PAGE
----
Experimental music from China - Yan Jun, Wu Na, Xiao He, Zhang Jian

YAN JUN personifies the Chinese musical underground, or sub-underground – just listen to his multimedia poem “Against All Organized Deception” ( He promoted the DIY reuse of the Western surplus saw-cut CDs flooding China, which led to an explosion of styles. WU NA will challenge Yan's sub-post-modernity's with the sliding overtones of the ancient guqin/zither.
Experimental music is an offshoot of China's recent explosion of styles—and FM3 are at its frontier. Half of FM3, keyboardist ZHANG JIAN recorded at Staalplaat and struck gold with the Buddha Machine (
On his latest double album “The Performance of Identity” XIAO HE combines acoustic guitar with unlikely guttural vocal sounds. Live he creates intricate multi-layered soundscapes, or plays a Peking Opera clown.

Text by Jeroen Groenewegen


Steim Beijing Underground.gif - design by Kai-Ting Lin Takuro Mizuta Lippit/ dj sniff

Yan Jun
Born in Lanzhou (1973), but now based in Beijing, Yan Jun works with feedback noise, drone sound, voice, field recording, site-specific sound installation, impro music and environmental sound as well as writing, publishing and curating. He regards these however as one and the same thing.
Yan founded Sub Jam and its sub-label KwanYin Records, runs the weekly Waterland Kwanyin event and annual Mini Midi festival since 2005.
He has published 5 essay collections about Chinese new music and 3 poetry collections.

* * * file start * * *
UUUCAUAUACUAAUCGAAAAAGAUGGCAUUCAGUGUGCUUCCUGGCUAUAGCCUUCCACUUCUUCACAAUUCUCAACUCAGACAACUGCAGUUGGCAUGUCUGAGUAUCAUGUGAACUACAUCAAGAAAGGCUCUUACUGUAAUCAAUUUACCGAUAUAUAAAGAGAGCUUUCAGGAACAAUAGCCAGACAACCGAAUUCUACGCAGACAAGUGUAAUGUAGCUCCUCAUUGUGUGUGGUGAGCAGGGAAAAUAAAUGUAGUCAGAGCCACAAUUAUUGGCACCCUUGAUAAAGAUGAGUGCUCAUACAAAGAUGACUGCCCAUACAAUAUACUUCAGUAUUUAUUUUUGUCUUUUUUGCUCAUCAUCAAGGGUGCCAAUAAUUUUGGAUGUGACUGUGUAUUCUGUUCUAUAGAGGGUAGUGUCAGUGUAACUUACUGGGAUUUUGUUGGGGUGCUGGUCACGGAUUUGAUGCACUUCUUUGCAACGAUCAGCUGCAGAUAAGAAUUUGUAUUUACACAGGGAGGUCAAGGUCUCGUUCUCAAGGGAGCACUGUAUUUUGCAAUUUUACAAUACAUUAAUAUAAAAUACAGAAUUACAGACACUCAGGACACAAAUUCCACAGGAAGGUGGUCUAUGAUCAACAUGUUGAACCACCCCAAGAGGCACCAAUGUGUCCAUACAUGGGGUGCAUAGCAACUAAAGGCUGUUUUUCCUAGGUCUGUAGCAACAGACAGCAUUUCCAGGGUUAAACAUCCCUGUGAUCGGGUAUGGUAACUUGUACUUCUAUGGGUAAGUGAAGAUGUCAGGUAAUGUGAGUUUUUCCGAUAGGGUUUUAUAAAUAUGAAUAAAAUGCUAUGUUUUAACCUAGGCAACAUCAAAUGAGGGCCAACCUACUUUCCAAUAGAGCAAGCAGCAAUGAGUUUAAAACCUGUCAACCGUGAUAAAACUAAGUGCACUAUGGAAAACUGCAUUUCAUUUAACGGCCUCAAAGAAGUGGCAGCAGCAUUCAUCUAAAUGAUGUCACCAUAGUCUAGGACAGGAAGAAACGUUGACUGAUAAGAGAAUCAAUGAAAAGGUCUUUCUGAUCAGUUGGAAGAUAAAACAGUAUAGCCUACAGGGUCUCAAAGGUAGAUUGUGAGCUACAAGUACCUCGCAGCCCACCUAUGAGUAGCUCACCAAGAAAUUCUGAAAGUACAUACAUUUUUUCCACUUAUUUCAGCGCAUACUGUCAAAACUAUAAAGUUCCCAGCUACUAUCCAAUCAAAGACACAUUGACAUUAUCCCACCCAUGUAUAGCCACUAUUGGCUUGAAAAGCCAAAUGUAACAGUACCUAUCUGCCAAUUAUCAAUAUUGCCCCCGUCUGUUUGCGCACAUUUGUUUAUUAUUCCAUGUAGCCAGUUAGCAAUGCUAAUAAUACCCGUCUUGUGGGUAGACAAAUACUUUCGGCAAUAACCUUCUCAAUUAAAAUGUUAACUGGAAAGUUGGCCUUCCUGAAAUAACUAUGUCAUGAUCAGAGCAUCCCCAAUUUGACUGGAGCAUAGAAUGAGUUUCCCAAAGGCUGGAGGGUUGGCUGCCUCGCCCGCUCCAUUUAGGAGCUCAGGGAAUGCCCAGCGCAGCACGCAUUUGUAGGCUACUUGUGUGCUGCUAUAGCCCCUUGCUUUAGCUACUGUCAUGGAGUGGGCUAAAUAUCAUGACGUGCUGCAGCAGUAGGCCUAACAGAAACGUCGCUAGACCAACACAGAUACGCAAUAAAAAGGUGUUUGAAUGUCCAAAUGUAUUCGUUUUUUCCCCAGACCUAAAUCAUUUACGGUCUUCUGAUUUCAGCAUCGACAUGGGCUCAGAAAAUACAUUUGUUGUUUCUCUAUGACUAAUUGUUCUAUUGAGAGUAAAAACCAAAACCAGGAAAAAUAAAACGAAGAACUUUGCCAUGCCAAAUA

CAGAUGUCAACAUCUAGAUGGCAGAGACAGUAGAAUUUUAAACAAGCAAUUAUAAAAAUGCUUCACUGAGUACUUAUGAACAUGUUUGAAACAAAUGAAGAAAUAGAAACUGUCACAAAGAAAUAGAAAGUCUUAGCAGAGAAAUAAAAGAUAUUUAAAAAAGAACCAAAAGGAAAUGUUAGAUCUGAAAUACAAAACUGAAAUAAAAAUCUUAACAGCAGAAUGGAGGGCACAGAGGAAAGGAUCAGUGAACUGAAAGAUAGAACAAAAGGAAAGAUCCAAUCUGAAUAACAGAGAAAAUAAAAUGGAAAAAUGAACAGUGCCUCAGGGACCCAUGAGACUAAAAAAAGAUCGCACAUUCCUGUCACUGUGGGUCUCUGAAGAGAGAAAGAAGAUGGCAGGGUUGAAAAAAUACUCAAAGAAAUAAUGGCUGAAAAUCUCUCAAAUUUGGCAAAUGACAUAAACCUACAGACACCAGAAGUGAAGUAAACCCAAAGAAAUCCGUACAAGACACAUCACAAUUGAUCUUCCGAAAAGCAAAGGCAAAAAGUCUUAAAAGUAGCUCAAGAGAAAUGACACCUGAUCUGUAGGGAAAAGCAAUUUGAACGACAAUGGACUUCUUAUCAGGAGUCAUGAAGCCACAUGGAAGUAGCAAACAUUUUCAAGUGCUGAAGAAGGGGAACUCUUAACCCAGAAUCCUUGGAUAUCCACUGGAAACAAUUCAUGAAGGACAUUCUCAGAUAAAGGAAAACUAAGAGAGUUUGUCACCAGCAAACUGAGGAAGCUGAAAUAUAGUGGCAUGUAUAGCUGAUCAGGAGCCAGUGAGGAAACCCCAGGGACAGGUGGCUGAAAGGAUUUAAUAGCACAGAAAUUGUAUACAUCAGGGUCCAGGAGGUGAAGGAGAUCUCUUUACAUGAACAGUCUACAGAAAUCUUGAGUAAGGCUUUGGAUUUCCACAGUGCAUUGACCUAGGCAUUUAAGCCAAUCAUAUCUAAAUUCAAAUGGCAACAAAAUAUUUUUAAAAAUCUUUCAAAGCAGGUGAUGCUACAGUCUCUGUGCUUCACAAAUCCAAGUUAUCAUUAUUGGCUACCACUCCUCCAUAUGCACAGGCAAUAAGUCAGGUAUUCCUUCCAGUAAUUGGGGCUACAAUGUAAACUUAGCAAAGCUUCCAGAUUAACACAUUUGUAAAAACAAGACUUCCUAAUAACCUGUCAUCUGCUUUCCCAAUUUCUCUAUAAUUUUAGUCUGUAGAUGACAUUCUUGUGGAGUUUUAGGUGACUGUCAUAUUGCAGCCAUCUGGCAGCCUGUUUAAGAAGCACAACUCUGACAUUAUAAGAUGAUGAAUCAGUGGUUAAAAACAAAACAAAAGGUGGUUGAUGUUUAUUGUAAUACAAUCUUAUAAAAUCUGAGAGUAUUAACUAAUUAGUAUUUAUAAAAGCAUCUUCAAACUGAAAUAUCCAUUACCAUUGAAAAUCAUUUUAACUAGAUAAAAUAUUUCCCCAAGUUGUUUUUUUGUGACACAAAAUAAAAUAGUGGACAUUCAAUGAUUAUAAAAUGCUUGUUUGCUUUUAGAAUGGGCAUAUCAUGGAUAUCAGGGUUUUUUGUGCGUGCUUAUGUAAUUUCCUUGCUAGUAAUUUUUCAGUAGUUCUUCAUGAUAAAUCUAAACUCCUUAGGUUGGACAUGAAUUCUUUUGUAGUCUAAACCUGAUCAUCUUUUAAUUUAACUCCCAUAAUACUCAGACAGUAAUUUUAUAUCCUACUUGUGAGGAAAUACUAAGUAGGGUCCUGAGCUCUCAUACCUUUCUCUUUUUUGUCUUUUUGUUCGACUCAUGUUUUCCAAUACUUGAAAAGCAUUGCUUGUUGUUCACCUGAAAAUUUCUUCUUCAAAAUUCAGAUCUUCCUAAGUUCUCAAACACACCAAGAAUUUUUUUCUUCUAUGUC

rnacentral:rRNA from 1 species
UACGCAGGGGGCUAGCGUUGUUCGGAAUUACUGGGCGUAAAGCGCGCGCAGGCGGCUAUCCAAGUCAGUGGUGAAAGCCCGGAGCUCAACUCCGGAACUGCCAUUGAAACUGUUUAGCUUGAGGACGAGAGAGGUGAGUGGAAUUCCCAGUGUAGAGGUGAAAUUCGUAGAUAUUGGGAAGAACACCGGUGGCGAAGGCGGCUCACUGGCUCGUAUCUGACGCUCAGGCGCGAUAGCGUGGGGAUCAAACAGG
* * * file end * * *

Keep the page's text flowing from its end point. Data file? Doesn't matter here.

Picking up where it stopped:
Xiao He
He Guofeng, known in the world of music as Xiao He, is one of the most creative and influential artists in the Beijing music scene. Besides his recordings and his solo and ensemble music performances, he is active in drama, writes incidental music, and is a creative force in the underground movie industry. He is also the head of Maybe Horse, a Maybe Mars sub-label dedicated to supporting and developing Beijing’s and China’s most innovative folk and ethnic musicians.
Xiao He first attracted serious attention in the late 90s with his experimental band, Glamorous Pharmacy, a fluid ensemble that mixed folk, jazz, experimentation, improvised performances and action art to create a strangely surreal sound that never seemed to settle anywhere before turning around and heading of in a different direction. At the time China’s musical underground was small and fairly homogenous, but the playful and anarchic spirit of the members of Glamorous Pharmacy suggested several new doors into various styles that were eagerly opened and pursued by other musicians. Glorious Pharmacy glorified in the creation of new “branches” of Chinese underground music, variously called among other things “introverted”, “weird” and “malicious” music.
At the same time Xiao He, which is the alias he settled on for his folk and improvised music performances, played guitar, drum and accordion at River, a legendary old Beijing folk bar. Between these two projects Xiao He quickly developed a serious following among artists and music fans in the China music scene. In 2003, Modern Sky, China’s largest independent label, released his first CD, a live recording called “The Bird that Can Fly High Landed on the Cow that Can Run Fast”. Almost immediately this was received as one of the most important recordings in contemporary Chinese music.